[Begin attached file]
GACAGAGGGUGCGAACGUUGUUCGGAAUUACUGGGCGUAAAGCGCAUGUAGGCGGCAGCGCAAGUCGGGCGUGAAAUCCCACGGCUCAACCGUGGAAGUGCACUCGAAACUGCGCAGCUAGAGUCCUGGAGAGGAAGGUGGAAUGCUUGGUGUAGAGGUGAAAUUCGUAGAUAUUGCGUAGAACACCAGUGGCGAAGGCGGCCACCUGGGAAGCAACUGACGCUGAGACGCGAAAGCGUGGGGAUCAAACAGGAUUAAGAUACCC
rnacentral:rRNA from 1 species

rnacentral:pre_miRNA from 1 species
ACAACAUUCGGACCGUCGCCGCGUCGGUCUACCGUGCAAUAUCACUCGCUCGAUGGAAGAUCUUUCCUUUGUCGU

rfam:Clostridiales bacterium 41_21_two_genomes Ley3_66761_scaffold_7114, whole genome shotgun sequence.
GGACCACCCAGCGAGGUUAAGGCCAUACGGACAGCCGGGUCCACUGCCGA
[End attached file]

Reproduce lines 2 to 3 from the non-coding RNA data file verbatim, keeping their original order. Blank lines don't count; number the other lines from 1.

rnacentral:rRNA from 1 species

rnacentral:pre_miRNA from 1 species